A2 - Ch 24a Winter Term 2009‐10 Introduction to...

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Unformatted text preview: Ch 24a Winter Term 2009‐10 Introduction to Biophysical Chemistry Problem Set # 2 Distributed: 29 January 2010 Due: 8 February 2010, 1 p.m. 1. (25 points) (a) The π→ π* transition of the amino acid tryptophan in aqueous solution at pH 5 to 7 peaks at 220 nm with an extinction coefficient ε of 3.5 x 104 and a half‐width at half height of ~ 10 nm. Assume that the absorption band can be approximated by a Gaussian in frequency space and estimate the Einstein coefficient A for spontaneous fluorescence in sec‐1. (20 points) (b) Use the result above to calculate the intrinsic fluorescence lifetime of tryptophan, namely, the radiative lifetime τR. If the quantum yield φF for tryptophan in a protein is 0.3, what will be the corresponding fluorescence decay time τF? (5 points) a) v = c / λ = 3 ⋅ 1010 /(220 ⋅ 10−7 ) = 1.36 ⋅ 1015 sec−1 to desicribe ε(v ), one needs : v a = c / λ = 3 ⋅ 1010 /(210 ⋅ 10−7 ) = 1.428 ⋅ 1015 sec−1 v b = c / λ = 3 ⋅ 1010 /(230 ⋅ 10−7 ) = 1.304 ⋅ 1015 sec−1 Full width at half maximum for a gaussian function = 2 2ln2σ = v a − v b = 0.1243 ⋅ 1015 σ = 5.266 ⋅ 1013 −( v −1.36⋅1015 )2 ε(v ) = 3.5 ⋅ 10 ⋅ e 2⋅(5.266⋅10 4 13 2 ) ε(v ) 8000πv 3 A= ∫ v dv 2 Nc log e band −(v − 1.36 ⋅ 1015 ) 2 exp ∞ 8000π (1.36 ⋅ 1015 ) 3 2 ⋅ (5.266 ⋅ 1013 ) 2 3.5 ⋅ 10 4 dv = 9.13 ⋅ 10 8 molecule/sec = ∫−∞ 23 10 2 6 ⋅ 10 ⋅ (3 ⋅ 10 ) ⋅ 0.434 v b) 1 = 1.09 ⋅ 10−9 sec A τ F = 0.3 ⋅ τ R = 3.28 ⋅ 10−10 sec τR = 2. (10 points) For bacterial reaction centers, the quantum yield of fluorescence from the excited state of the special pair, a highly interacting pair of bacteriochlorophylls, is 10‐4. The intrinsic or natural radiative decay rate of the bacteriochlororphyll dimer is 108 sec‐1. Assuming that there are no non‐radiative processes other than electron transfer, what is the rate of transfer of an electron from the excited state of the bacteriochlorophyll dimer to the bacteriochlorophyll monomer before it is transferred to the bacteriopheophytin and subsequently to the primary quinone. (Adapted from James P. Allen, Chapter 14 problem 14.17. For background, see James P. Allen, Chapter 20, pp. 421‐430.) 3 .(15 points) A protein has three sites that can be labeled by chromophores (dyes) by site‐specific chemical modification of appropriate amino acids. The arrangement of these sites is such at 1.5 RAC = RAB = 45 Å. (see figure below) If site A is labeled with a dye (donor), the measured quantum yield (φD) is 0.5. Modification of site A with a donor dye and site B with an acceptor dye results in a measured quantum yield (φD+A) of 0.4. If site A is labeled with donor and both sites B and C are modified with the acceptor dye, predict what will be the measured quantum yield (φD+2A). 4. (10 points) The DNA bases have only very weak fluorescence. To study the unwinding kinetics of double‐ stranded DNA by a helicase, an oligonucleotide is synthesized by substituting one of the adenine with a fluorescent analog, 2‐aminopurine, which can hydrogen‐bond to thymine without distorting the normal DNA structure. When this oligonucleotide hybridizes to a complementary strand, the fluorescence is quenched to half of its original intensity; however, when the oligonucleotide is totally unwound by the helicase, the maximum fluorescence intensity is restored. If 75% of the maximum fluorescence intensity remains after incubating the double‐ stranded oligonucleotide with the helicase for 15 s, what is the rate constant for the unwinding of the oligonucleotide by the helicase? Explain any assumption you make. Short version: When the fluorescent oligonucleotide hybridized to the complementary strand is totally unwound by the helicase, the fluorescence is Fo. When the fluorescent oligonucleotide is hybridized to the complementary strand, F = 0.5 Fo. Now, 75% of the maximum fluorescence remains after incubating the double-stranded oligonucleotide by the helicase for 15 s. So, 50% of the double-stranded oligonucleotide has been unwound by the helicase in 15 s. Assuming the unwounding is a first-order process, t½ = ln2 / k = 15 s Therefore, rate constant k = (ln2) /15 s-1. Longer version: 5. (25 points) (a) Consider a spherical protein with radius r. Set up an integral that could determine the root‐ mean‐square (rms) distance between two randomly selected points within this spherical volume. Evaluate this integral in terms of r using computing programs such as Mathematica or Matlab. Show that this rms distance is [(6/5)]½ r. (20 points) From cosine law, Rab2 = ra2 + rb2 – 2ra rb cos θ Now ra can go from 0 to r, the radius of the protein. Also rb can go from 0 to r. To find the average Rab, we must integrate the above expression over the sphere and normalize the result. Rab 2 = = ∫∫∫ ∫ r r π 2π 0 r 0 0 0 (ra +rb − 2ra rb cosθ )ra rb sin2 θ dϕdθdra drb 2 2 2 2 r ∫∫∫ ∫ π 0 0 0 2π 0 ra rb sin2 θ dϕdθdra drb 2 2 2π r 15 6 2 =r π 2r 6 9 5 28 Rab (root − mean − square) = 6 r 5 (b) Suppose that this spherical protein has a radius 17 Å, and it contains one tyrosine residue and one tryptophan residue, which act as a fluorescence donor‐acceptor pair. Using your result from (a), calculate the FRET efficiency from the tyrosine to the tryptophan if the two residues are separated by the root‐mean‐square distance as calculated. What does the magnitude of this efficiency tell you about the suitability of using this D‐A pair to study this protein? (5 points) FRET efficiency = E = { Ro6 /(R6 + Ro6)} Ro for tyrosine-tryptophan donor acceptor pair ~ 9 Å From (a), the root-mean-square distance is (6/5)½ r or (6/5)½ 17 Å. Substituting these numbers into E = { Ro6 /(R6 + Ro6)}, we obtain, E = {(9 Å)6 /( [(6/5)½ 17 Å]6 + (9 Å)6)} = 0.013 6. (10 points) When CD spectroscopy is performed on three solutions, each containing 1.0 × 10‐4 M of DNA, 1.0 × 10‐4 M of RNA, and a mixture of the two with unknown concentrations, the following data are obtained. All spectra are taken in a cell of path length 1 cm. λ (nm) DNA RNA Mixture 300 0.10 ‐0.50 ‐0.25 280 3.00 1.60 1.16 260 0.00 6.00 3.12 240 ‐2.20 0.00 ‐0.24 AL‐AR (×10‐4) (a) What are the concentrations of DNA and RNA in the mixture? (6 points) For pure DNA and RNA solutions, AL - AR = (εL – εR) c ℓ = (εL – εR) c For a mixture, (AL - AR)mixture = (εL – εR)DNA cDNA + (εL – εR)RNA cRNA At 260 nm, (εL – εR)DNA = 0, Therefore, (AL - AR)mixture = (εL – εR)RNA cRNA = 6.00 x cRNA = 3.12 x 10-4 Or cRNA = 3.12/6.00 x 10-4 M = 0.52 x 10-4 M (εL – εR)RNA = 0, At 240 nm, Therefore, (AL - AR)mixture = (εL – εR)DNA cDNA = -2.20 x cDNA = -0.24 x 10-4 Or (b) If the mixture is hydrolyzed into its component nucleotides, will each of the following increase or decrease? Briefly explain why. (4 points) (i) Circular dichroism at 260 nm; cDNA = 0.24/2.20 x 10-4 M = 0.11 x 10-4 M CD at 260 nm will decrease. (ii). Absorbance at 260 nm. Absorbance will increase. This problem has been postponed to Problem Set # 3 (Reason: I haven’t covered CD yet!) 7. (20 points) (a) Calculate the exciton splitting for two interacting π → π* transition dipoles in a rigid dipeptide (see figure below). Assume a transition dipole of 5.1 debyes or 2 a.u. (1 a.u. = 2.542 debyes) and a distance between the dipoles of 2.1 Å or 4 a.u. (1 a.u. = 0.05292 nm). The two transition dipoles are parallel, and the angle between the transition dipole and the inter‐dipole distance vector is 120° in each case. Express the result in a.u. and in cm‐1 (1 a.u. = 27.3 eV and l eV = 8000 cm‐1). (15 points) (b) What is the distribution of intensity among the two possible transitions in the absorption band? (5 points) 8. (15 points) The folding of a protein from the unstructured or random coil to the native state is often followed in real time by time‐resolved circular dichroism (CD) and tryptophan fluorescence spectroscopy. (a) Indicate what property of the protein structure is being monitored by the two spectroscopic methods. Briefly describe how the two methods provide information about the structure of the protein. (10 points) (b) The two methods, unfortunately, are sensitive to different stages of the folding of the polypeptide. The CD method seems to be particularly sensitive to the early stages of the folding process, whereas tryptophan fluorescence is primarily sensitive to the late phases. What could be the explanation for this difference in behavior between the two methods? (5 points). This problem has also been postponed to Problem Set # 3 (Reason: I haven’t covered CD yet!) ____________________________________________________________________________________ The end ...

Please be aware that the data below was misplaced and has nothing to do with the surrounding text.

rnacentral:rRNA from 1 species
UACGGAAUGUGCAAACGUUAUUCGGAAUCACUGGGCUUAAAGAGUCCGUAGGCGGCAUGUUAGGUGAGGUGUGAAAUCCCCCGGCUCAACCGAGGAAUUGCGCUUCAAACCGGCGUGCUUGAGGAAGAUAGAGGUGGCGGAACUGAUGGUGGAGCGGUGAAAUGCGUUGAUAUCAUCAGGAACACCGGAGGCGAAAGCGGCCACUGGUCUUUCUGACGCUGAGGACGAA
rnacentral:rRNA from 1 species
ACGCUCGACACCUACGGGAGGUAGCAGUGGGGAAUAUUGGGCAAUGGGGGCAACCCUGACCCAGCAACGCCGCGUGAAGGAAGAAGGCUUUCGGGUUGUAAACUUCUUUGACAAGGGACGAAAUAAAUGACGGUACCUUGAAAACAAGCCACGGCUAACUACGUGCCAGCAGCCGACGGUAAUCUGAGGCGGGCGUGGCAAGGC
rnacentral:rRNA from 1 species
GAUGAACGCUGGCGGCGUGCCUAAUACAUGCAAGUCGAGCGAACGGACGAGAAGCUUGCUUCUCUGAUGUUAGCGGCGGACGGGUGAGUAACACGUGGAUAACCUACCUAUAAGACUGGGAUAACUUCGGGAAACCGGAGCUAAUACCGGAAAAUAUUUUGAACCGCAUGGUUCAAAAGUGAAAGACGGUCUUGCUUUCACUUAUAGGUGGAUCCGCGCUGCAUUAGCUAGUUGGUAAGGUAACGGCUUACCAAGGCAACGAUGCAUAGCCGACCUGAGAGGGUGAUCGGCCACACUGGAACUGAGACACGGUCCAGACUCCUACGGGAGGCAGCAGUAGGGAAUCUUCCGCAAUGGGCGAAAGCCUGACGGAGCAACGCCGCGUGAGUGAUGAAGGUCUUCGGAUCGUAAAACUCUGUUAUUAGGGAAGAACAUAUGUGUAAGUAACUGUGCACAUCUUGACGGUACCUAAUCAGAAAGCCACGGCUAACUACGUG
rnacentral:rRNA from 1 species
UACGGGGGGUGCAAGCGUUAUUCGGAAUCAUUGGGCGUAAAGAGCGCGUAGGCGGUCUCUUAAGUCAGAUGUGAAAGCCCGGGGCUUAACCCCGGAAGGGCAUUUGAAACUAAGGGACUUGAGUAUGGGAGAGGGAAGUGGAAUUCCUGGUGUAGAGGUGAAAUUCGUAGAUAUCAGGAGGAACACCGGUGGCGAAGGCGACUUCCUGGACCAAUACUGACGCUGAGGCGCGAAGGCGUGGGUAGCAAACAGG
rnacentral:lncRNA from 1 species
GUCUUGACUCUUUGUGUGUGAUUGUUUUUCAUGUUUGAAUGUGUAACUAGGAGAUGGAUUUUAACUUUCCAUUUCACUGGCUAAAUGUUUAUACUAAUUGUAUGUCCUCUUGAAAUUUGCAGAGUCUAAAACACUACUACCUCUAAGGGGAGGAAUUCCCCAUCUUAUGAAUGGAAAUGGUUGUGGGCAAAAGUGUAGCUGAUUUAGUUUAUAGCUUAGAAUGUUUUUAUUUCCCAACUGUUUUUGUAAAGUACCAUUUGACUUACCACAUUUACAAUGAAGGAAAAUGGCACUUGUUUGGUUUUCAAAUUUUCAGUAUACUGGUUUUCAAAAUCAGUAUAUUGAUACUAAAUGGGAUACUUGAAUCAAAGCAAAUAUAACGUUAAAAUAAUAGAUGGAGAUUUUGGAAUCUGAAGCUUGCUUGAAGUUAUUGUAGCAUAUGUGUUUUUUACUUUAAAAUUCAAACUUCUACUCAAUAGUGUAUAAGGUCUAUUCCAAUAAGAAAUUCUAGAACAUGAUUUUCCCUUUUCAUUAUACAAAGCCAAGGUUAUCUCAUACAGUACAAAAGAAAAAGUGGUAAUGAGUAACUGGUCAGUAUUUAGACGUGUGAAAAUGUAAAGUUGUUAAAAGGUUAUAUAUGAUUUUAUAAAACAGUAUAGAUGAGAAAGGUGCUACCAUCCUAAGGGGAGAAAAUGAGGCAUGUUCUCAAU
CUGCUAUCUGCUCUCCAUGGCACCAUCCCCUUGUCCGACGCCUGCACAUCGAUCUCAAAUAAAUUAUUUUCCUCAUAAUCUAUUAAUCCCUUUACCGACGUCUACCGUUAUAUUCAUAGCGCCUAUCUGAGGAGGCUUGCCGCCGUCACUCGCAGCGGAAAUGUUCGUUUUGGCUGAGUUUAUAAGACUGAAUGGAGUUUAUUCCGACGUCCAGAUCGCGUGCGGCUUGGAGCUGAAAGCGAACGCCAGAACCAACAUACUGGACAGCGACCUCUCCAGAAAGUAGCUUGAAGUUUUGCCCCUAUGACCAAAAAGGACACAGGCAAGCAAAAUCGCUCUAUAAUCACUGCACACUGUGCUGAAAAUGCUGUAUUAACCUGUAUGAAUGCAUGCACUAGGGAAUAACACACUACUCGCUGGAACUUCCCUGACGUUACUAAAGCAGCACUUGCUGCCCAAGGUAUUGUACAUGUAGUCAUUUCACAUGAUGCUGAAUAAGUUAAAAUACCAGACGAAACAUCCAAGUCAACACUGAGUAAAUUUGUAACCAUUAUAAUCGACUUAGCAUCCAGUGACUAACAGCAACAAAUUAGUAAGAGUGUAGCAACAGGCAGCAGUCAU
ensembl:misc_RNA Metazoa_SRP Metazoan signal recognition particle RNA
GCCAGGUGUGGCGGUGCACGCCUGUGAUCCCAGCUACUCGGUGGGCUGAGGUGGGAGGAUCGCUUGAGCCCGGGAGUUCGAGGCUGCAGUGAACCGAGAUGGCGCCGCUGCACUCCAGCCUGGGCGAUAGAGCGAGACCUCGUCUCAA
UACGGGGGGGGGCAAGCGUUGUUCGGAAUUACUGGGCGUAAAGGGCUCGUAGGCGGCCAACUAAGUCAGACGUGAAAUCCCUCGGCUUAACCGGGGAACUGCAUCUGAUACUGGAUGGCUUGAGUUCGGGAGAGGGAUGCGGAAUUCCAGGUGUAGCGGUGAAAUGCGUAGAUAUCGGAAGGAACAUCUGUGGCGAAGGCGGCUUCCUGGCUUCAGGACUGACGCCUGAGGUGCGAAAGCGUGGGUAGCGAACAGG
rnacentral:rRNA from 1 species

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This note was uploaded on 10/27/2010 for the course BI 110 taught by Professor Richards,j during the Winter '08 term at Caltech.